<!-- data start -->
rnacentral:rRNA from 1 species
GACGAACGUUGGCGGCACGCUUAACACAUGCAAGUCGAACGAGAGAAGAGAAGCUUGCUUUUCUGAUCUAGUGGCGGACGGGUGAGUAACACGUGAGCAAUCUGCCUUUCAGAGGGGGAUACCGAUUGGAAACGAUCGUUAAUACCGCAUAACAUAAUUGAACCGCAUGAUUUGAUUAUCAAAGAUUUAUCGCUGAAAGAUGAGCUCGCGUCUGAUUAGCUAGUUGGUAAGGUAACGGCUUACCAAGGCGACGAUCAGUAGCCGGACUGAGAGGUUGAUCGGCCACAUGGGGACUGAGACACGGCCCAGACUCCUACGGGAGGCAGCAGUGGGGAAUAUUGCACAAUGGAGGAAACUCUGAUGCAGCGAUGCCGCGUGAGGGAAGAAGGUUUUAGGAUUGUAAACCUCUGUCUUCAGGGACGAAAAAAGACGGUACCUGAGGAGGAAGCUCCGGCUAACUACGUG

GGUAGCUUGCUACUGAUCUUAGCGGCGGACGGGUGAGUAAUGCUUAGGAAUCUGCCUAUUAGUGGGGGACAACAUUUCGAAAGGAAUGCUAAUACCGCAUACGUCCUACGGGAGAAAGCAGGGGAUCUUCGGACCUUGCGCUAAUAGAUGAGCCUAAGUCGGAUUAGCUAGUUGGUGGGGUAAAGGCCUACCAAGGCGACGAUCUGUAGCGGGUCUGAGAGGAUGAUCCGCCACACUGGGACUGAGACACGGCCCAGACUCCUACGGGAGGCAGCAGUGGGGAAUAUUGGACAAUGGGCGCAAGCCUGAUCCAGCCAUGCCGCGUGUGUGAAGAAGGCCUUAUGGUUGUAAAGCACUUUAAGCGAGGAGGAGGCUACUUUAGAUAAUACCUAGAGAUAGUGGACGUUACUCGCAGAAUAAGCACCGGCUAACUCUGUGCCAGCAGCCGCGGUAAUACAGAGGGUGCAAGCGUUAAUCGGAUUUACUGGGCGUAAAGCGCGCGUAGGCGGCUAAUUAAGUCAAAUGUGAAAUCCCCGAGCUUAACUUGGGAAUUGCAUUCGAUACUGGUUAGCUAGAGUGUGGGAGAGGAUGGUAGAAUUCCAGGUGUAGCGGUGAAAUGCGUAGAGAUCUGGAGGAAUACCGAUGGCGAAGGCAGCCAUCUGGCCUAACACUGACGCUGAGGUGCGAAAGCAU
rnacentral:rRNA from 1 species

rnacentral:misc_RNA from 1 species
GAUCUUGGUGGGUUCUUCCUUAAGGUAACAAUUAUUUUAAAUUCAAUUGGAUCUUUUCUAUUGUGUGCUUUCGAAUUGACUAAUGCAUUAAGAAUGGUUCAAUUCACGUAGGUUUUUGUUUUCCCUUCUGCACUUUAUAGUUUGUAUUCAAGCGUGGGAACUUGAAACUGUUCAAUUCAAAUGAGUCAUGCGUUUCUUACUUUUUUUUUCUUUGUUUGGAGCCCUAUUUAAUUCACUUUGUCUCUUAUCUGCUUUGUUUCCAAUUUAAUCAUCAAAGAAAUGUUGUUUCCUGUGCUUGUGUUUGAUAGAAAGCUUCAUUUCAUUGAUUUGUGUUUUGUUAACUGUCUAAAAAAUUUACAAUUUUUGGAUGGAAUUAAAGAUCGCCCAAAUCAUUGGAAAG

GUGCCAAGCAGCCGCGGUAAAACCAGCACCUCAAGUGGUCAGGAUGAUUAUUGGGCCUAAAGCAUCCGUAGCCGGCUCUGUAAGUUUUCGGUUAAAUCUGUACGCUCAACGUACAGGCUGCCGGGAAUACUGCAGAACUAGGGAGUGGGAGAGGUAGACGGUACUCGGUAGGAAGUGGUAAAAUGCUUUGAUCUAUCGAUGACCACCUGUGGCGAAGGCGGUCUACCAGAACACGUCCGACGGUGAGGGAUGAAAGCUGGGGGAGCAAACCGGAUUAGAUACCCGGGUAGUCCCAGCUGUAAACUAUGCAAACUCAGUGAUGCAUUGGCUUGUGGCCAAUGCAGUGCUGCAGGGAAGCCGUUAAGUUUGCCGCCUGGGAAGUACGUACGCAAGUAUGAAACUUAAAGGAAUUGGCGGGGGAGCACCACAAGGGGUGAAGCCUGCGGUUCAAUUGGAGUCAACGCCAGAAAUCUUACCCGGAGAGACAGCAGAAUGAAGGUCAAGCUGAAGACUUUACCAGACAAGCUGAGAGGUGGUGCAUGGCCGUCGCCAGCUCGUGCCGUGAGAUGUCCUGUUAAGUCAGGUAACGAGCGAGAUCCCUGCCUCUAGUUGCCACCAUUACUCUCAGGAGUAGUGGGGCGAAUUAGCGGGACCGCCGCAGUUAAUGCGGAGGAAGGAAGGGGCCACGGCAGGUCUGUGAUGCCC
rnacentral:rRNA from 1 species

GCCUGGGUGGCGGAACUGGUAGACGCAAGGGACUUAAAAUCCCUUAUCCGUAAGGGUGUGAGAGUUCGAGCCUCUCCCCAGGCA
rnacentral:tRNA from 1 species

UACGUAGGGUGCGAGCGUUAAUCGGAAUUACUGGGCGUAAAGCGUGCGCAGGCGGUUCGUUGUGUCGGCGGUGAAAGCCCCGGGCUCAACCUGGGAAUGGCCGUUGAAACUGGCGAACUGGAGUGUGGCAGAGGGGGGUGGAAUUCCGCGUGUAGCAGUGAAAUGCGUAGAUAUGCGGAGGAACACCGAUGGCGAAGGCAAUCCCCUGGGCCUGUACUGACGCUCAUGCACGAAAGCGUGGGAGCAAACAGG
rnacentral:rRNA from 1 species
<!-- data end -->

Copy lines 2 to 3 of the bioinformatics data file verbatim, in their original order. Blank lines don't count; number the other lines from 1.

GACGAACGUUGGCGGCACGCUUAACACAUGCAAGUCGAACGAGAGAAGAGAAGCUUGCUUUUCUGAUCUAGUGGCGGACGGGUGAGUAACACGUGAGCAAUCUGCCUUUCAGAGGGGGAUACCGAUUGGAAACGAUCGUUAAUACCGCAUAACAUAAUUGAACCGCAUGAUUUGAUUAUCAAAGAUUUAUCGCUGAAAGAUGAGCUCGCGUCUGAUUAGCUAGUUGGUAAGGUAACGGCUUACCAAGGCGACGAUCAGUAGCCGGACUGAGAGGUUGAUCGGCCACAUGGGGACUGAGACACGGCCCAGACUCCUACGGGAGGCAGCAGUGGGGAAUAUUGCACAAUGGAGGAAACUCUGAUGCAGCGAUGCCGCGUGAGGGAAGAAGGUUUUAGGAUUGUAAACCUCUGUCUUCAGGGACGAAAAAAGACGGUACCUGAGGAGGAAGCUCCGGCUAACUACGUG

GGUAGCUUGCUACUGAUCUUAGCGGCGGACGGGUGAGUAAUGCUUAGGAAUCUGCCUAUUAGUGGGGGACAACAUUUCGAAAGGAAUGCUAAUACCGCAUACGUCCUACGGGAGAAAGCAGGGGAUCUUCGGACCUUGCGCUAAUAGAUGAGCCUAAGUCGGAUUAGCUAGUUGGUGGGGUAAAGGCCUACCAAGGCGACGAUCUGUAGCGGGUCUGAGAGGAUGAUCCGCCACACUGGGACUGAGACACGGCCCAGACUCCUACGGGAGGCAGCAGUGGGGAAUAUUGGACAAUGGGCGCAAGCCUGAUCCAGCCAUGCCGCGUGUGUGAAGAAGGCCUUAUGGUUGUAAAGCACUUUAAGCGAGGAGGAGGCUACUUUAGAUAAUACCUAGAGAUAGUGGACGUUACUCGCAGAAUAAGCACCGGCUAACUCUGUGCCAGCAGCCGCGGUAAUACAGAGGGUGCAAGCGUUAAUCGGAUUUACUGGGCGUAAAGCGCGCGUAGGCGGCUAAUUAAGUCAAAUGUGAAAUCCCCGAGCUUAACUUGGGAAUUGCAUUCGAUACUGGUUAGCUAGAGUGUGGGAGAGGAUGGUAGAAUUCCAGGUGUAGCGGUGAAAUGCGUAGAGAUCUGGAGGAAUACCGAUGGCGAAGGCAGCCAUCUGGCCUAACACUGACGCUGAGGUGCGAAAGCAU